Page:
Plastics transformed engineering in the past century, but they also transformed the environment in ways that will take millennia to repair. Washington University in St. Louis is leading a new effort to address the grand challenge of developing the next generation of high-performance, sustainably sourced and biodegradable plastics that advance engineering while also protecting the environment.
“The task is urgent,” said Marcus Foston, an associate professor of energy, environmental and chemical engineering at the McKelvey School of Engineering and lead investigator of the multi-institutional project. “We are on track to have more plastic than fish in the oceans by 2050, and we need to bring people together to develop the innovations and work force that will reverse this trend while expanding the performance of engineered polymers.”
Foston and his interdisciplinary team have received a five-year $3.6 million Growing Convergence Research (GCR) grant from the National Science Foundation (NSF) to develop a new class of biologically synthesized, protein-based and biodegradable materials that harness motifs from nature to replace traditional petroleum-derived plastics. The team, which includes researchers from Washington University, Northwestern University, Iowa State University and the University of South Florida, brings together a convergence of cross-disciplinary expertise to evolve the plastics economy by developing a platform for the discovery of synthetic biological materials with desired properties, guided by artificial intelligence, biomimetics and the science of product adoption.
“We’re not only working to address the challenge of plastic waste and pollution,” Foston said. “We’re asking how we address plastic waste without sacrificing the quality of life afforded by cheap materials integral to almost every end-use product, and how do we get producers and consumers to replace a mature and well-established technology with new technology? Too often, questions about adopting technologies aren’t part of the conversation until the deployment phase.”
Foston will lead a team that includes experts in synthetic biology, machine learning, polymer science, material mechanics and computational material simulation. They will use machine learning aided with material screening and simulation approaches to accelerate the process of finding promising protein sequences that can be used to make biodegradable materials with targeted properties to replace plastics in both high- and low-value applications.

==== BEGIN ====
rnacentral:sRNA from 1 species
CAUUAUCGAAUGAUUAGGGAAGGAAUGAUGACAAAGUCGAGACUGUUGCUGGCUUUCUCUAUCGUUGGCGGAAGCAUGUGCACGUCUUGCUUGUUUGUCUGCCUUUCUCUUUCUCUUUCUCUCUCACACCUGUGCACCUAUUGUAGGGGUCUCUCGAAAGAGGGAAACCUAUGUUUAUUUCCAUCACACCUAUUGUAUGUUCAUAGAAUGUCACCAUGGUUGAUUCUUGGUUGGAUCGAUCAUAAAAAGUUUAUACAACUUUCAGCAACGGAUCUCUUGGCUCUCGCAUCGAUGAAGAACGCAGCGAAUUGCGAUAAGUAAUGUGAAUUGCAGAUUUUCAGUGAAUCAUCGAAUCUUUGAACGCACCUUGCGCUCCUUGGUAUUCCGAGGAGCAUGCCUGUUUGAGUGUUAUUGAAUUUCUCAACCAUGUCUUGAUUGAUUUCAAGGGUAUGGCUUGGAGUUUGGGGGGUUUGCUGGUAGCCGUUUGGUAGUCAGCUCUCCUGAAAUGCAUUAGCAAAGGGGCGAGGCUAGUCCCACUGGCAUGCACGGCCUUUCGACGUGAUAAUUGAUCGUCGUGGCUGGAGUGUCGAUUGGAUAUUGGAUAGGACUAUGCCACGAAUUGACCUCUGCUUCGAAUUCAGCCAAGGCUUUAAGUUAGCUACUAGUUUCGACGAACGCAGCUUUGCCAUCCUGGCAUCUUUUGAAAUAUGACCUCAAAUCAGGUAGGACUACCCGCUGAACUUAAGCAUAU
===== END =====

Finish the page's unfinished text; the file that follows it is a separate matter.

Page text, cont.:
Fuzhong Zhang, a professor of energy, environmental and chemical engineering at Washington University, brings a unique set of synthetic biology tools to engineer bacteria for materials engineering and manufacturing.
“By reprogramming bacteria, we create many new protein-based polymers with precisely controlled properties,” Zhang said. “The data will be used for computational simulation as well as machine learning to identify better polymers. This grant allows us to work together with experts from multiple fields, dramatically increasing the capability of synthetic biology in materials innovation.”
Integrating different specialties at early basic research stages makes this a truly convergent research project that doesn’t wait to consider the full scope of the problem it aims to solve, said Guy Genin, the Harold and Kathleen Faught Professor of Mechanical Engineering at Washington University.
Genin and Roman Garnett, an associate professor of computer science and engineering at McKelvey Engineering, will collaborate with Sinan Keten, at Northwestern University, to develop physics-informed machine learning systems to reduce the parameter space that Foston and Zhang will explore to optimize materials and accelerate discovery.
The project aims to have transformative translational impact, and therefore also includes experts in mass communication, industrial organization and techno-economic analysis.
“Plastic is stable in the environment. It’s everywhere, including in your body,” Genin said. “How do we handle it as a society? That’s a technical challenge, but we also need to think about barriers to the widespread deployment, adoption and acceptance of innovation. That’s why our team also focuses on techno-economic, supply chain and life-cycle challenges, as well as those challenges posed by macroeconomic, governmental and sociological factors.”
To enable this, technoeconomic life-cycle analysis and strategic communications research will be performed by team members Mark Mba-Wright, at Iowa State; Kelly Werder, at the University of South Florida; and Stephen P. Ryan, the Myron Northrop Professor of Economics at Washington University’s Olin Business School.
“The challenges of technology adoption are as great as the challenges of technology innovation,” Ryan said. “We know from experience that strategically targeting the right products in the initial adoption can lead to a faster-growing and larger success than uncoordinated or diffuse adoption. We have the right team at WashU to make this happen purposefully.”
In addition to research, the team will work toward developing a workforce pipeline that can innovate at the frontiers of machine learning, synthetic biology and engineering.
Originally published by the McKelvey School of Engineering.